Now there are some distinct disadvantages to CQB that, in the interest of full disclosure, that I should mention. Firstly, if you’re used to playing outdoor, CQB will be quite a radical change for you. You probably won’t be used to checking corners (I wasn’t); you also probably won’t be used to getting safety killed (example “Bang! Bang!); and you probably won’t be used to having the other team run all the way down one side of the course and having a drop on you right from the beginning. Another disadvantage to CQB is that the majority of the hits you are going to take are going to be at very close quarters as opposed to the longer ranges you’d normally be engaged at on outdoor fields. During my first couple of CQB games I was hesitant to be the first guy in the door(for a breach) because I didn’t want to get shot in the knuckes or the neck and I hated the fact that I was afraid to breach a room. To compensate for my distinct lack of courage at the time, I decided to pack on extra gear and bdu’s to cover up all of my “soft” spots. Ever since I haven’t really had any worries and I can breach with the best of them, even without all of my extra airsoft armor. All of these points took me some time to get used to and this changed the game of airsoft for me irrevocably (and not necessarily in a bad way!)

There is one facet of CQB that made me immediately want to plan another day of airsoft immediately… fast respawns. I know there are fields out there that do this, but until the day I started playing at Tac City (which used to be called Airsoft playground when I moved to Southern California) I was gleefully unaware of fast respawn games. Basically, how they work is that the ref will set a given number of respawns per player so that they can respawn that many times before they’re out, or the ref will set a “wave” respawn” meaning that when a certain number of players are in the dead area they will then be able to respawn. To be honest, there are countless variations on respawns, but up until that point I was gleefully unaware of that game type for recreational airsoft and I couldn’t have been happier to shed my ignorance.


That being said, after having lived in Los Angeles for the better part of a decade I realized that all of us airsoft enthusiasts living out here are spoiled with the amount and different types of fields available to us. There are CQB fields with massive interiors and very little set design like Tac City South, then we have fields that are quite the opposite like Insight Interactive where there isn’t a whole lot of space to move around but the field looks amazingly like a bombed out WWII village. After that, there are fields that have a mix of CQB and field play like Hollywood Sports Park which has a variety of Hollywood themed outdoor fields (Starship Troopers and Mad Max to name a few) and where the HSP Combat Center is located, the field is a net-enclosed CQB facility exclusively used for airsoft.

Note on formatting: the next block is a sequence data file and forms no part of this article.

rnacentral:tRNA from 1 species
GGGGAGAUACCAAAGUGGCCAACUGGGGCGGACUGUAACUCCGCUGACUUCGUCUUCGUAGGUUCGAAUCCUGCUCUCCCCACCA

I have noticed after years of living in LA that I find it much easier to head out for a pick up game at a CQB facility than at an outdoor one. There are many possible reasons for this, the first of which being most outdoor only facilities are further away from me than just most of the other indoor airsoft arenas. Mostly though, I see outdoor play as somewhat of an all day affair, whereas when I go to an indoor facility, I feel like I can just pop in for a few hours then pop out and get back to my regular Saturday. Perhaps, this is because its not as long of a drive for me, but I really think it’s because of the different hours most facilities keep (example Outdoor field 8am-5; Indoor field Noon-11pm).

Regardless, what I know is that I came to Southern California as an outdoor airsoft enthusiast gearing up for a 4-year college degree and right now I’m theatre degree-wielding airsoft enthusiast who now has a very special place in his heart for indoor airsoft. That is how I learned to stop worrying while increasing the love for airsoft CQB.